Lou Harvey, president of Boston-based Dalbar Inc., which provides third-party audits and evaluation services to the financial-services industry, says that more change is coming in the area of retirement plans.
What reform do you see next on the horizon?
Harvey: Last year as part of the campaign, Obama adopted very strongly and persistently this automatic IRA proposal that had been hanging around for several years. Obama endorsed it as his solution for the retirement gap that exists.
Several weeks ago, within the preliminary budget proposal, there was funding for the automatic IRA. All of a sudden, it’s moved from the campaign discussions to front and center. Clearly, this will now be debated in the coming months.
What Your Peers Are Reading
The mood in Congress now says that it is very likely to happen, especially given the great apprehension with 401(k) plans today. I give this a relatively high probability of being enacted in some form.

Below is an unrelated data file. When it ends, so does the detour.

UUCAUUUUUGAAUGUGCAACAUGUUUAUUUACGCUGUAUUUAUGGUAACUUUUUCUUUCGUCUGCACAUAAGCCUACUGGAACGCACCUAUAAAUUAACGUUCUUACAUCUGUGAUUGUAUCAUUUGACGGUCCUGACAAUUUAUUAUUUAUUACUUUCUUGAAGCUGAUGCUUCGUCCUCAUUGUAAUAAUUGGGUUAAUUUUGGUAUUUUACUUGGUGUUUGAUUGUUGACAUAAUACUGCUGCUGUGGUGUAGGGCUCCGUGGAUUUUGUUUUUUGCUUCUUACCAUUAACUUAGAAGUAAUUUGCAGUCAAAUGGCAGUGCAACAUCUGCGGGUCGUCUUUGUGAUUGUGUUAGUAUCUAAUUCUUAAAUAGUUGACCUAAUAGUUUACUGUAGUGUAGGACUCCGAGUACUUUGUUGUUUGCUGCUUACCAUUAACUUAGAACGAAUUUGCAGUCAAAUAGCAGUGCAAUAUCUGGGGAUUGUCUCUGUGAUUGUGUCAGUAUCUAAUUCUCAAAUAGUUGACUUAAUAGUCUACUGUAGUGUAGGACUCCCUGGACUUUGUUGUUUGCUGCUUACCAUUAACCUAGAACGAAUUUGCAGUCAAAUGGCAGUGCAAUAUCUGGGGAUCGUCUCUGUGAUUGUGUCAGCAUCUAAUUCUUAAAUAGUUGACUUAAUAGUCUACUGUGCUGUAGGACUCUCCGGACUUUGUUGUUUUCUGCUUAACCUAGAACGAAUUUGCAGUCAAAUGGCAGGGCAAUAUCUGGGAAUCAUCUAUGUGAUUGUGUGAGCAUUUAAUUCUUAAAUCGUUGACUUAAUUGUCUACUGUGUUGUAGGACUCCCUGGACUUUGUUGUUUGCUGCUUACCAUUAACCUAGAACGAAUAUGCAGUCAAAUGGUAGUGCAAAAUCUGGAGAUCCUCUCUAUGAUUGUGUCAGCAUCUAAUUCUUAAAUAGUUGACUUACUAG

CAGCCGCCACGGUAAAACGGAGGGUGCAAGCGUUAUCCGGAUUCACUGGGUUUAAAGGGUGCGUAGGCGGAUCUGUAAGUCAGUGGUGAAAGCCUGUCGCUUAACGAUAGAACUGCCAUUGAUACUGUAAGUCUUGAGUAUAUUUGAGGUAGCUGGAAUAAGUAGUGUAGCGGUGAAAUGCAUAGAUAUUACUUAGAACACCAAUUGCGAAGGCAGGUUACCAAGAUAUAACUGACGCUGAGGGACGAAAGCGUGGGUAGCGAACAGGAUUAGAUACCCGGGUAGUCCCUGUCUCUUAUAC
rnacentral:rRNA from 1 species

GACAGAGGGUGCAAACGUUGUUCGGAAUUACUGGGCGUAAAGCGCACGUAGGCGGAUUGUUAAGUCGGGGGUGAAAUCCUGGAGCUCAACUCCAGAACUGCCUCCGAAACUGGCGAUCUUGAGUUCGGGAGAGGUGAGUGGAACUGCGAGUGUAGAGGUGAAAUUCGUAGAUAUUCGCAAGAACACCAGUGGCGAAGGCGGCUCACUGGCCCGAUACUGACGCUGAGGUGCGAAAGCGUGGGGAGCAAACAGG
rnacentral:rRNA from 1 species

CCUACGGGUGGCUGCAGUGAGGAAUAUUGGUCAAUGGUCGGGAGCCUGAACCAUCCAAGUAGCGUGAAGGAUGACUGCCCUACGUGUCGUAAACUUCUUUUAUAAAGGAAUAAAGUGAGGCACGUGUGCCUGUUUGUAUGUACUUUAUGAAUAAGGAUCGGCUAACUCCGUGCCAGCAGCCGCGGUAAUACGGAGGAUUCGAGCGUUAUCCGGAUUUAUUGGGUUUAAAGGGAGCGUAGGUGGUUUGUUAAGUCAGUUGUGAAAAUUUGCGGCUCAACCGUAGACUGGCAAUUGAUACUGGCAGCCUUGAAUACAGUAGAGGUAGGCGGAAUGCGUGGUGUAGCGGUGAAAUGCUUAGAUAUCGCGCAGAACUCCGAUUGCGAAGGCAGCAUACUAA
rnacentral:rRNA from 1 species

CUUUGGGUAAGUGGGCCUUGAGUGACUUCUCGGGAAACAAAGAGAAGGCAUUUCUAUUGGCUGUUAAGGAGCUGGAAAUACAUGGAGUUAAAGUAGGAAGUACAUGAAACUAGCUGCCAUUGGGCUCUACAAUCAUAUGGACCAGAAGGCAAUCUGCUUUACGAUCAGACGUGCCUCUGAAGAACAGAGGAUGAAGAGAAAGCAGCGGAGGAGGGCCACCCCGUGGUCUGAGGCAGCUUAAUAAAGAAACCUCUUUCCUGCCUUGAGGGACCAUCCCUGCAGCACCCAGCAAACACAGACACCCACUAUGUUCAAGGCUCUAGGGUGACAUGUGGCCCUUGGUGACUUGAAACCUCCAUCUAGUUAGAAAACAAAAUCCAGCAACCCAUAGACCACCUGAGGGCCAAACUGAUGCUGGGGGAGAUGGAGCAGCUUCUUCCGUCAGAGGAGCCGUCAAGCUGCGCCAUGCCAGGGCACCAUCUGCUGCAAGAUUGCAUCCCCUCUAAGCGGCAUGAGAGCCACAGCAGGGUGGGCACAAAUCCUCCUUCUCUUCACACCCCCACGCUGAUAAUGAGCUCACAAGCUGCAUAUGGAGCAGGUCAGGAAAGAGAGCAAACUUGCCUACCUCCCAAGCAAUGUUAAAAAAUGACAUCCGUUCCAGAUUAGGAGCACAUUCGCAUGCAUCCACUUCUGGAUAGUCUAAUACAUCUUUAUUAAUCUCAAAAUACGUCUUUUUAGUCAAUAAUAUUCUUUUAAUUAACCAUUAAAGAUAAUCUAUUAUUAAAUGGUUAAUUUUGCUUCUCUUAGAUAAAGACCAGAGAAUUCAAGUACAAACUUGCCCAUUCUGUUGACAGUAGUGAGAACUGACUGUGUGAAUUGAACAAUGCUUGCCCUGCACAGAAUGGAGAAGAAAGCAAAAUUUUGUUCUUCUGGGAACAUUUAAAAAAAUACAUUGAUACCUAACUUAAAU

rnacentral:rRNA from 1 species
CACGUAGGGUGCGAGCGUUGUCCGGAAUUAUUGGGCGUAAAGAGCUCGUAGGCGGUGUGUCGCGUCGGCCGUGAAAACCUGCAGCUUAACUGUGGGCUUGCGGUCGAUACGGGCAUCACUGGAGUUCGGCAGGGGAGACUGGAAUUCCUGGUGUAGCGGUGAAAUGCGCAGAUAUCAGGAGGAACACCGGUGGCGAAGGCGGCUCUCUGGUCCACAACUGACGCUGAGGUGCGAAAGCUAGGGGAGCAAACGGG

Employers without a pension plan must offer it, but employees can opt out.
Within ERISA, you cannot force anyone to have a 401(k) plan. So, the push is now going to be put behind the IRA, but there will be none of the ERISA liability for the employers.
What will be the overall impact of this reform?
This shakes the deck up quite a bit. There are four key provisions. The first is a mandate for expanding the pension system via the IRA to cover all workers, rather than the half that are covered today. But if employers are forced to offer the IRA but not to administer it, why would they bother to have a 401(k) plan and its associated burdens.